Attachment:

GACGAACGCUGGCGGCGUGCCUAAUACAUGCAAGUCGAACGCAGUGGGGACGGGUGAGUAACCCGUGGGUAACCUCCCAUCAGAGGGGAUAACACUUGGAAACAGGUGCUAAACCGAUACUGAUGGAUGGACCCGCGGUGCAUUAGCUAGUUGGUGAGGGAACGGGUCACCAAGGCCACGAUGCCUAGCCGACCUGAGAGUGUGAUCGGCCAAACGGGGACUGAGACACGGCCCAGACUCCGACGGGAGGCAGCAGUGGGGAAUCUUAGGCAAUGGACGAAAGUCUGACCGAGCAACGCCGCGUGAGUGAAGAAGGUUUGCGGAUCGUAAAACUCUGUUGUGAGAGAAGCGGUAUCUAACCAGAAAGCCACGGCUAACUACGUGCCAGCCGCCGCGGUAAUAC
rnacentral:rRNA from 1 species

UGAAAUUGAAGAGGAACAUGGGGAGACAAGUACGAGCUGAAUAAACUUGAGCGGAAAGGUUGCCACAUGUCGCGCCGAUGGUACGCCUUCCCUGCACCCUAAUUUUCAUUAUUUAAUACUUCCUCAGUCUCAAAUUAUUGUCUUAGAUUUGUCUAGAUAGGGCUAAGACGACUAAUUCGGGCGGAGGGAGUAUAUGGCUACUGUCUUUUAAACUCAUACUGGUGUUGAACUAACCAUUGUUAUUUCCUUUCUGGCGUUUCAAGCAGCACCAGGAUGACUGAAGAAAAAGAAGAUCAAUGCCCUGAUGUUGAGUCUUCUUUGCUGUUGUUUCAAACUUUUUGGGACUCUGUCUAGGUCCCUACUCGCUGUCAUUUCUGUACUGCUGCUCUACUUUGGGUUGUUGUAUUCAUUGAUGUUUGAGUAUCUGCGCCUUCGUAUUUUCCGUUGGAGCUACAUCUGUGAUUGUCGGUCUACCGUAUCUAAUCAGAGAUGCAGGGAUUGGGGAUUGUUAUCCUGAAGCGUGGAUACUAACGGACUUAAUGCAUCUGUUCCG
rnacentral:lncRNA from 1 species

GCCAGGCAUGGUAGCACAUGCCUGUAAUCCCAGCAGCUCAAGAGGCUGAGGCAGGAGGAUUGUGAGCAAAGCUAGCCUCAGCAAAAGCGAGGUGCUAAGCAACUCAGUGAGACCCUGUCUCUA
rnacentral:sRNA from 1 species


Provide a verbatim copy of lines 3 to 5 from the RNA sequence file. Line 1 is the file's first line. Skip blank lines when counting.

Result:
UGAAAUUGAAGAGGAACAUGGGGAGACAAGUACGAGCUGAAUAAACUUGAGCGGAAAGGUUGCCACAUGUCGCGCCGAUGGUACGCCUUCCCUGCACCCUAAUUUUCAUUAUUUAAUACUUCCUCAGUCUCAAAUUAUUGUCUUAGAUUUGUCUAGAUAGGGCUAAGACGACUAAUUCGGGCGGAGGGAGUAUAUGGCUACUGUCUUUUAAACUCAUACUGGUGUUGAACUAACCAUUGUUAUUUCCUUUCUGGCGUUUCAAGCAGCACCAGGAUGACUGAAGAAAAAGAAGAUCAAUGCCCUGAUGUUGAGUCUUCUUUGCUGUUGUUUCAAACUUUUUGGGACUCUGUCUAGGUCCCUACUCGCUGUCAUUUCUGUACUGCUGCUCUACUUUGGGUUGUUGUAUUCAUUGAUGUUUGAGUAUCUGCGCCUUCGUAUUUUCCGUUGGAGCUACAUCUGUGAUUGUCGGUCUACCGUAUCUAAUCAGAGAUGCAGGGAUUGGGGAUUGUUAUCCUGAAGCGUGGAUACUAACGGACUUAAUGCAUCUGUUCCG
rnacentral:lncRNA from 1 species

GCCAGGCAUGGUAGCACAUGCCUGUAAUCCCAGCAGCUCAAGAGGCUGAGGCAGGAGGAUUGUGAGCAAAGCUAGCCUCAGCAAAAGCGAGGUGCUAAGCAACUCAGUGAGACCCUGUCUCUA